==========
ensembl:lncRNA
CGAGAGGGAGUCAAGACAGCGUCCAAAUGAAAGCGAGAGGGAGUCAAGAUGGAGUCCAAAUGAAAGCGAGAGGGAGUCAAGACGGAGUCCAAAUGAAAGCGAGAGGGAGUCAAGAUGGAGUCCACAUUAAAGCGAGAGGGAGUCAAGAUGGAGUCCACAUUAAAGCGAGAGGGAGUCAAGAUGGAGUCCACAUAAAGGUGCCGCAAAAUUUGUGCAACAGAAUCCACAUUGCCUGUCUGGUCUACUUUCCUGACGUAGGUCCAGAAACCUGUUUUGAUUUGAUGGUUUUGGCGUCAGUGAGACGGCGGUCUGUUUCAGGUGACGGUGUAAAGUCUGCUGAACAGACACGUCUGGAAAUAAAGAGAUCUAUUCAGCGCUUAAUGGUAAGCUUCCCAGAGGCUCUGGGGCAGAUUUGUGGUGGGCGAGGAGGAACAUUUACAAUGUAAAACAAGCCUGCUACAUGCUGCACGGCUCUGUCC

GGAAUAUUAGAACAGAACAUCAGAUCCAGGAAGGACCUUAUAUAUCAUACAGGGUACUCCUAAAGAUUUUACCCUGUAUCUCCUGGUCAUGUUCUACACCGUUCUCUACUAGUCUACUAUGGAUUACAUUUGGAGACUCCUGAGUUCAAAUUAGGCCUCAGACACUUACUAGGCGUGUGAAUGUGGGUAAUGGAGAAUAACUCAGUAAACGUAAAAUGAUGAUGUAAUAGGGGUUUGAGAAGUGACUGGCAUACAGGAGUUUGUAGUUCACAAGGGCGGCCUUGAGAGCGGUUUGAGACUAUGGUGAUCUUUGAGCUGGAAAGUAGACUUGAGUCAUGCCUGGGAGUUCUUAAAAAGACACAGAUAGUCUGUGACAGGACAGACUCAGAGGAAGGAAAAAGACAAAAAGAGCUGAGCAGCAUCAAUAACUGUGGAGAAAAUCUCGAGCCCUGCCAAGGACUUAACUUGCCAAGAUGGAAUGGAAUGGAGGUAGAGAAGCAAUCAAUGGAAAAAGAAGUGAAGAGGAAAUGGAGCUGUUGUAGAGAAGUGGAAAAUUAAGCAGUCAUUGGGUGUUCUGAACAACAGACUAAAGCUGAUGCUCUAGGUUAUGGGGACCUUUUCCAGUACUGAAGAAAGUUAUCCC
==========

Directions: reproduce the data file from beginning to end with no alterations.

ensembl:lncRNA
CGAGAGGGAGUCAAGACAGCGUCCAAAUGAAAGCGAGAGGGAGUCAAGAUGGAGUCCAAAUGAAAGCGAGAGGGAGUCAAGACGGAGUCCAAAUGAAAGCGAGAGGGAGUCAAGAUGGAGUCCACAUUAAAGCGAGAGGGAGUCAAGAUGGAGUCCACAUUAAAGCGAGAGGGAGUCAAGAUGGAGUCCACAUAAAGGUGCCGCAAAAUUUGUGCAACAGAAUCCACAUUGCCUGUCUGGUCUACUUUCCUGACGUAGGUCCAGAAACCUGUUUUGAUUUGAUGGUUUUGGCGUCAGUGAGACGGCGGUCUGUUUCAGGUGACGGUGUAAAGUCUGCUGAACAGACACGUCUGGAAAUAAAGAGAUCUAUUCAGCGCUUAAUGGUAAGCUUCCCAGAGGCUCUGGGGCAGAUUUGUGGUGGGCGAGGAGGAACAUUUACAAUGUAAAACAAGCCUGCUACAUGCUGCACGGCUCUGUCC

GGAAUAUUAGAACAGAACAUCAGAUCCAGGAAGGACCUUAUAUAUCAUACAGGGUACUCCUAAAGAUUUUACCCUGUAUCUCCUGGUCAUGUUCUACACCGUUCUCUACUAGUCUACUAUGGAUUACAUUUGGAGACUCCUGAGUUCAAAUUAGGCCUCAGACACUUACUAGGCGUGUGAAUGUGGGUAAUGGAGAAUAACUCAGUAAACGUAAAAUGAUGAUGUAAUAGGGGUUUGAGAAGUGACUGGCAUACAGGAGUUUGUAGUUCACAAGGGCGGCCUUGAGAGCGGUUUGAGACUAUGGUGAUCUUUGAGCUGGAAAGUAGACUUGAGUCAUGCCUGGGAGUUCUUAAAAAGACACAGAUAGUCUGUGACAGGACAGACUCAGAGGAAGGAAAAAGACAAAAAGAGCUGAGCAGCAUCAAUAACUGUGGAGAAAAUCUCGAGCCCUGCCAAGGACUUAACUUGCCAAGAUGGAAUGGAAUGGAGGUAGAGAAGCAAUCAAUGGAAAAAGAAGUGAAGAGGAAAUGGAGCUGUUGUAGAGAAGUGGAAAAUUAAGCAGUCAUUGGGUGUUCUGAACAACAGACUAAAGCUGAUGCUCUAGGUUAUGGGGACCUUUUCCAGUACUGAAGAAAGUUAUCCC